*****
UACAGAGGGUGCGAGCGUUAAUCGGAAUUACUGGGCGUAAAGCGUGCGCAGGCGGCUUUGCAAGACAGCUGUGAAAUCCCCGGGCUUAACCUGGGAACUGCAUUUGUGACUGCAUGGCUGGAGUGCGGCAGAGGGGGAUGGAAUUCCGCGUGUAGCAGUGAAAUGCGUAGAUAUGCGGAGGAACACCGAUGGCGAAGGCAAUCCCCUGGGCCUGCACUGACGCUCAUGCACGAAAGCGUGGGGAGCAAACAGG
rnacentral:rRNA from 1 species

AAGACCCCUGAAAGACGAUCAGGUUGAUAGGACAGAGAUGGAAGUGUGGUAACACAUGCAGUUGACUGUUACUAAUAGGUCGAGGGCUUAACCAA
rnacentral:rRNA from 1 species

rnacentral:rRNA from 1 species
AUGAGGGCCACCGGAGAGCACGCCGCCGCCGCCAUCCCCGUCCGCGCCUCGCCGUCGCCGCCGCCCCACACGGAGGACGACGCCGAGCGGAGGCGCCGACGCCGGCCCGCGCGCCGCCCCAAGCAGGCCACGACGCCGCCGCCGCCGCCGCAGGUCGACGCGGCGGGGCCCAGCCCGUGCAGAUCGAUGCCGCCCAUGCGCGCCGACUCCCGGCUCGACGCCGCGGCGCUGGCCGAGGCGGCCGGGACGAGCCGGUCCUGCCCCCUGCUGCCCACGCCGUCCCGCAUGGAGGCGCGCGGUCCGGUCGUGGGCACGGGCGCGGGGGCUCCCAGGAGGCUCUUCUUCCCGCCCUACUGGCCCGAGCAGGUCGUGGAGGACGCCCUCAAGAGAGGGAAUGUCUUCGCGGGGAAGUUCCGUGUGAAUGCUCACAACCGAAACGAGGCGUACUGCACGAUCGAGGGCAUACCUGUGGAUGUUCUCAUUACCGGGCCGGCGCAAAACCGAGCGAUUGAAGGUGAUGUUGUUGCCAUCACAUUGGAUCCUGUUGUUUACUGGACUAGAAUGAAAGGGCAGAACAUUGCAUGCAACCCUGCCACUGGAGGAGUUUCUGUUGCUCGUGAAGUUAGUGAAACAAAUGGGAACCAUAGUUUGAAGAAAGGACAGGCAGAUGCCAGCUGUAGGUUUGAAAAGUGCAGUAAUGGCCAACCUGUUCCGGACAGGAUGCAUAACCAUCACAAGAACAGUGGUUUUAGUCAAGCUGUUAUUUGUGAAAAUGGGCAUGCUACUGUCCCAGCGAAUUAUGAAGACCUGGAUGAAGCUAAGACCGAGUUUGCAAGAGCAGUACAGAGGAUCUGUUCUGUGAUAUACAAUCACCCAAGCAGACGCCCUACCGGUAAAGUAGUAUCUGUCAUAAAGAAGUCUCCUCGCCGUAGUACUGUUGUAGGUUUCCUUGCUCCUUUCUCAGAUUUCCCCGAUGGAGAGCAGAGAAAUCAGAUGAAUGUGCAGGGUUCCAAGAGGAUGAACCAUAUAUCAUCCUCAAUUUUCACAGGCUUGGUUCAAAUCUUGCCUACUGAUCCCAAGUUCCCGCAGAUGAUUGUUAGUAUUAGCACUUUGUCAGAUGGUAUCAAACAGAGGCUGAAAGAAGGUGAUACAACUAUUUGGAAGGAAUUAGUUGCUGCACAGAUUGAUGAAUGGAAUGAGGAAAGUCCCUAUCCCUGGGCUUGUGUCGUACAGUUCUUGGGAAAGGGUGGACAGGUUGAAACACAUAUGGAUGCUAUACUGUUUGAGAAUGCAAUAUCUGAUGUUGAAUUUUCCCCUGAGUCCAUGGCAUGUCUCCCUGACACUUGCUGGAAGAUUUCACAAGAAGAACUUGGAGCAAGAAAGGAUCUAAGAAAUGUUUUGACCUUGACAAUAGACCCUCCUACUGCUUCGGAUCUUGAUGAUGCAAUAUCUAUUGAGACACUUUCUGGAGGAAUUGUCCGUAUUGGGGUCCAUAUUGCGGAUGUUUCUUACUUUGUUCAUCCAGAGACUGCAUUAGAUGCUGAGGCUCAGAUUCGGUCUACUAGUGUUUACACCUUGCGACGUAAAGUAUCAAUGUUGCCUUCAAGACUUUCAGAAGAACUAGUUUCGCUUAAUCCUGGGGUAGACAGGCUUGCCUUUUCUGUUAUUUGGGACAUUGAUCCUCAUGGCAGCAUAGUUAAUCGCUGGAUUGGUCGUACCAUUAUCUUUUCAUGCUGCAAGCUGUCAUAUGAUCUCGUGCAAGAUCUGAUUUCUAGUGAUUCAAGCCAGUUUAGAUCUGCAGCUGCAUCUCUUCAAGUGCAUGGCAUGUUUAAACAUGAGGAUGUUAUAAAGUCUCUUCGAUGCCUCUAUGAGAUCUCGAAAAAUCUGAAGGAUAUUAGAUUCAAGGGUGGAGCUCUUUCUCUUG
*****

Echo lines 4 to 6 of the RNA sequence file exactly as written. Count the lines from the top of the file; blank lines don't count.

rnacentral:rRNA from 1 species

rnacentral:rRNA from 1 species
AUGAGGGCCACCGGAGAGCACGCCGCCGCCGCCAUCCCCGUCCGCGCCUCGCCGUCGCCGCCGCCCCACACGGAGGACGACGCCGAGCGGAGGCGCCGACGCCGGCCCGCGCGCCGCCCCAAGCAGGCCACGACGCCGCCGCCGCCGCCGCAGGUCGACGCGGCGGGGCCCAGCCCGUGCAGAUCGAUGCCGCCCAUGCGCGCCGACUCCCGGCUCGACGCCGCGGCGCUGGCCGAGGCGGCCGGGACGAGCCGGUCCUGCCCCCUGCUGCCCACGCCGUCCCGCAUGGAGGCGCGCGGUCCGGUCGUGGGCACGGGCGCGGGGGCUCCCAGGAGGCUCUUCUUCCCGCCCUACUGGCCCGAGCAGGUCGUGGAGGACGCCCUCAAGAGAGGGAAUGUCUUCGCGGGGAAGUUCCGUGUGAAUGCUCACAACCGAAACGAGGCGUACUGCACGAUCGAGGGCAUACCUGUGGAUGUUCUCAUUACCGGGCCGGCGCAAAACCGAGCGAUUGAAGGUGAUGUUGUUGCCAUCACAUUGGAUCCUGUUGUUUACUGGACUAGAAUGAAAGGGCAGAACAUUGCAUGCAACCCUGCCACUGGAGGAGUUUCUGUUGCUCGUGAAGUUAGUGAAACAAAUGGGAACCAUAGUUUGAAGAAAGGACAGGCAGAUGCCAGCUGUAGGUUUGAAAAGUGCAGUAAUGGCCAACCUGUUCCGGACAGGAUGCAUAACCAUCACAAGAACAGUGGUUUUAGUCAAGCUGUUAUUUGUGAAAAUGGGCAUGCUACUGUCCCAGCGAAUUAUGAAGACCUGGAUGAAGCUAAGACCGAGUUUGCAAGAGCAGUACAGAGGAUCUGUUCUGUGAUAUACAAUCACCCAAGCAGACGCCCUACCGGUAAAGUAGUAUCUGUCAUAAAGAAGUCUCCUCGCCGUAGUACUGUUGUAGGUUUCCUUGCUCCUUUCUCAGAUUUCCCCGAUGGAGAGCAGAGAAAUCAGAUGAAUGUGCAGGGUUCCAAGAGGAUGAACCAUAUAUCAUCCUCAAUUUUCACAGGCUUGGUUCAAAUCUUGCCUACUGAUCCCAAGUUCCCGCAGAUGAUUGUUAGUAUUAGCACUUUGUCAGAUGGUAUCAAACAGAGGCUGAAAGAAGGUGAUACAACUAUUUGGAAGGAAUUAGUUGCUGCACAGAUUGAUGAAUGGAAUGAGGAAAGUCCCUAUCCCUGGGCUUGUGUCGUACAGUUCUUGGGAAAGGGUGGACAGGUUGAAACACAUAUGGAUGCUAUACUGUUUGAGAAUGCAAUAUCUGAUGUUGAAUUUUCCCCUGAGUCCAUGGCAUGUCUCCCUGACACUUGCUGGAAGAUUUCACAAGAAGAACUUGGAGCAAGAAAGGAUCUAAGAAAUGUUUUGACCUUGACAAUAGACCCUCCUACUGCUUCGGAUCUUGAUGAUGCAAUAUCUAUUGAGACACUUUCUGGAGGAAUUGUCCGUAUUGGGGUCCAUAUUGCGGAUGUUUCUUACUUUGUUCAUCCAGAGACUGCAUUAGAUGCUGAGGCUCAGAUUCGGUCUACUAGUGUUUACACCUUGCGACGUAAAGUAUCAAUGUUGCCUUCAAGACUUUCAGAAGAACUAGUUUCGCUUAAUCCUGGGGUAGACAGGCUUGCCUUUUCUGUUAUUUGGGACAUUGAUCCUCAUGGCAGCAUAGUUAAUCGCUGGAUUGGUCGUACCAUUAUCUUUUCAUGCUGCAAGCUGUCAUAUGAUCUCGUGCAAGAUCUGAUUUCUAGUGAUUCAAGCCAGUUUAGAUCUGCAGCUGCAUCUCUUCAAGUGCAUGGCAUGUUUAAACAUGAGGAUGUUAUAAAGUCUCUUCGAUGCCUCUAUGAGAUCUCGAAAAAUCUGAAGGAUAUUAGAUUCAAGGGUGGAGCUCUUUCUCUUG